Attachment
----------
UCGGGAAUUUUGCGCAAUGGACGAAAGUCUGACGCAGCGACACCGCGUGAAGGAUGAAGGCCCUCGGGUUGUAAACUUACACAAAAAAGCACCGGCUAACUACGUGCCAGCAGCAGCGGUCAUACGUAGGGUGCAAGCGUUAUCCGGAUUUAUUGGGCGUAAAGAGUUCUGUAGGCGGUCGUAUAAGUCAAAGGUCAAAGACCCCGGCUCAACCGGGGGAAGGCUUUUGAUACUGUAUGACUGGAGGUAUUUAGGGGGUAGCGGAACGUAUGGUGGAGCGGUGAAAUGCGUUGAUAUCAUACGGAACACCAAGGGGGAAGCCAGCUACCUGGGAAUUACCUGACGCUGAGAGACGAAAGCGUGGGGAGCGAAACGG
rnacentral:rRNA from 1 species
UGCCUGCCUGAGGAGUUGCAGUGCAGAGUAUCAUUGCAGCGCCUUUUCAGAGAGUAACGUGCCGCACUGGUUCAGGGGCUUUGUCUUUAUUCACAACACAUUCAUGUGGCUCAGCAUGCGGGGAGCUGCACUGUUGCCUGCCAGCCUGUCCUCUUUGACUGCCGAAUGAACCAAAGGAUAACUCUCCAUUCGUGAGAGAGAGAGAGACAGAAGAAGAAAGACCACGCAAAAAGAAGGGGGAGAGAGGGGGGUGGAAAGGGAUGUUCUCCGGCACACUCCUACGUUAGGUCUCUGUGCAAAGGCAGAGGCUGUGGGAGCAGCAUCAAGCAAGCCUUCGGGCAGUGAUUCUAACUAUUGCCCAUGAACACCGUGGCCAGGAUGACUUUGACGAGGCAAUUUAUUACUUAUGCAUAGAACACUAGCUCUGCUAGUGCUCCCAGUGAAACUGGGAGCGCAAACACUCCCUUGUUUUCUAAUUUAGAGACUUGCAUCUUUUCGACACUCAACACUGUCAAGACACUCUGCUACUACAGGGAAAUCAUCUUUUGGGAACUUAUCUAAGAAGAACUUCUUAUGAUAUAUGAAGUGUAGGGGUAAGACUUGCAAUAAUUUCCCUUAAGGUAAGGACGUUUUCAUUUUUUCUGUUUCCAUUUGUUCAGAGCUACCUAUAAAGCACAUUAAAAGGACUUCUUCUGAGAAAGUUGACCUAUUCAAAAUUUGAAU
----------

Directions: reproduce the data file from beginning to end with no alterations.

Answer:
UCGGGAAUUUUGCGCAAUGGACGAAAGUCUGACGCAGCGACACCGCGUGAAGGAUGAAGGCCCUCGGGUUGUAAACUUACACAAAAAAGCACCGGCUAACUACGUGCCAGCAGCAGCGGUCAUACGUAGGGUGCAAGCGUUAUCCGGAUUUAUUGGGCGUAAAGAGUUCUGUAGGCGGUCGUAUAAGUCAAAGGUCAAAGACCCCGGCUCAACCGGGGGAAGGCUUUUGAUACUGUAUGACUGGAGGUAUUUAGGGGGUAGCGGAACGUAUGGUGGAGCGGUGAAAUGCGUUGAUAUCAUACGGAACACCAAGGGGGAAGCCAGCUACCUGGGAAUUACCUGACGCUGAGAGACGAAAGCGUGGGGAGCGAAACGG
rnacentral:rRNA from 1 species
UGCCUGCCUGAGGAGUUGCAGUGCAGAGUAUCAUUGCAGCGCCUUUUCAGAGAGUAACGUGCCGCACUGGUUCAGGGGCUUUGUCUUUAUUCACAACACAUUCAUGUGGCUCAGCAUGCGGGGAGCUGCACUGUUGCCUGCCAGCCUGUCCUCUUUGACUGCCGAAUGAACCAAAGGAUAACUCUCCAUUCGUGAGAGAGAGAGAGACAGAAGAAGAAAGACCACGCAAAAAGAAGGGGGAGAGAGGGGGGUGGAAAGGGAUGUUCUCCGGCACACUCCUACGUUAGGUCUCUGUGCAAAGGCAGAGGCUGUGGGAGCAGCAUCAAGCAAGCCUUCGGGCAGUGAUUCUAACUAUUGCCCAUGAACACCGUGGCCAGGAUGACUUUGACGAGGCAAUUUAUUACUUAUGCAUAGAACACUAGCUCUGCUAGUGCUCCCAGUGAAACUGGGAGCGCAAACACUCCCUUGUUUUCUAAUUUAGAGACUUGCAUCUUUUCGACACUCAACACUGUCAAGACACUCUGCUACUACAGGGAAAUCAUCUUUUGGGAACUUAUCUAAGAAGAACUUCUUAUGAUAUAUGAAGUGUAGGGGUAAGACUUGCAAUAAUUUCCCUUAAGGUAAGGACGUUUUCAUUUUUUCUGUUUCCAUUUGUUCAGAGCUACCUAUAAAGCACAUUAAAAGGACUUCUUCUGAGAAAGUUGACCUAUUCAAAAUUUGAAU